I don’t need to inform you that investing is dangerous business. You already know in your gut what Joseph Engelberg and Christopher Parsons at U.C. San Diego found in their new study, that there is a noticeable correlation between market gyrations and our mental and physical health.
But when do you think the financial industry will get the point?
Shortly after I became a financial advisor, I was given a book to commit to memory. It told me what my role in life would be: To make a very good living helping approximately 250 families stay in the stock market.
The text insisted that regardless of my client’s age or risk temperament, it would be in their best interest to be—and stay—in stocks, exclusively and forevermore. I was the doctor; they were the patients. I was the ark-builder; they were the—you get the point.
The book might even be right.
The Behavior Gap
My friend and New York Times contributor, Carl Richards, has been drawing a particular picture for years. He’s struck by the research acknowledging the noticeable difference between investment rates of return and what investors actually make in the markets. (Investors make materially less.)
Investors, it appears, allow emotions to drive their investing decisions. A desire to make more money causes them to choose aggressive portfolios when times are good, but a gripping fear leads them to abandon the cause in down markets, missing the next upward cycle.
Investors buy high and sell low.
Well-meaning advisors, then, including the author of the book I referenced, have claimed their collective calling to be the buffer between their clients’ money and their emotions. Unfortunately, it’s not working.
Maybe it’s because the intangible elements of life are so tightly woven into the tangible that we can’t optimally segregate them.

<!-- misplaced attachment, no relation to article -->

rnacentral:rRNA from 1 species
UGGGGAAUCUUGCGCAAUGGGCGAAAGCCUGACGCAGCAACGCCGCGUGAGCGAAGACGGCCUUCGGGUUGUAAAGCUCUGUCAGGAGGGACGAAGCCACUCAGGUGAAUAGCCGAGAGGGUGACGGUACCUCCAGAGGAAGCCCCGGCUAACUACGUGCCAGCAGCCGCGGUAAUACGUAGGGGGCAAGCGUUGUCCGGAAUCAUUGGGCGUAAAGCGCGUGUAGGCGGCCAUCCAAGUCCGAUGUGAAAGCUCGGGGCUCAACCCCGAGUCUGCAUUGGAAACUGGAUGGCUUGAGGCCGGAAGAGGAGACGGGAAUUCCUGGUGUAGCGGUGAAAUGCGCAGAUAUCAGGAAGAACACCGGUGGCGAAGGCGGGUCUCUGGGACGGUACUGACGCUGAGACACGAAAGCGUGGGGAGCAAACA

Maybe it’s because we’re not actually supposed to forcibly detach our emotions from our rational thought.
Maybe it’s because financial advisors and investing gurus should focus less on blowing the doors off the benchmark du jour and more on generating solid long-term gains from portfolios designed to be lived with.
Portfolios designed to help clients stay in the game.
Portfolios designed to help clients (and advisors) avoid falling prey to the behavior gap.
Portfolios calibrated with a higher emphasis on capital preservation.
How much less money do you make, anyway, when you dial up a portfolio’s conservatism?
The Same Return With Less Risk
In his book, How to Think, Act, and Invest Like Warren Buffett, index-investing aficionado, Larry Swedroe, writes, “Instead of trying to increase returns without proportionally increasing risk, we can try to achieve the same return while lowering the risk of the portfolio.”
Using indexing data from 1975 to 2011, Swedroe begins with a standard 60/40 model—60% S&P 500 Index and 40% Five-Year Treasury Notes. It has an annualized rate of return of 10.6% over that stretch and a standard deviation (a measurement of volatility—portfolio ups and downs.) of 10.8%.
Next, Swedroe begins stealing from the S&P 500 slice of the pie to diversify the portfolio with a bias toward small cap, value and international exposure (with a pinch of commodities). The annualized return is boosted to 12.1% while the standard deviation rises proportionately less, to 11.2%. (Remember, this is still a 60/40 portfolio with 40% in five-year treasuries.)
But here’s where Swedroe pulls the rabbit out of the hat: He re-engineers the portfolio, flipping to a 40/60 portfolio, proportionately reducing all of his equity allocations and boosting his T-notes to 60% of the portfolio. The net result is a portfolio with a 10.9% annualized rate of return—slightly higher than the original 60/40 portfolio—with a drastically lower standard deviation of 7.9%
Same return. Less Risk.
This, of course, is all hypothetical. This happened in the past, and for many reasons, it may not happen again. These illustrations are not a recommended course of action for you or your advisor, but instead a demonstration that it is possible—and worth the effort—to work to this end.
Because we can’t keep hiding from the following logical thread:
1) Volatile markets increase investor stress (even to the point of physical illness).
2) Heightened investor stress leads to bad decisions—by both investors and advisors—that reduce investor returns.
3) Market analysis suggests that portfolios can be engineered to maintain healthy long-term gains, while at the same time dramatically reducing the intensity of market gyrations.
How could we not, then, conclude that more investors would suffer less stress, thereby reducing (hopefully eliminating) their behavior gap, thereby allowing investors to hold on to more of their returns?
Isn’t that the point?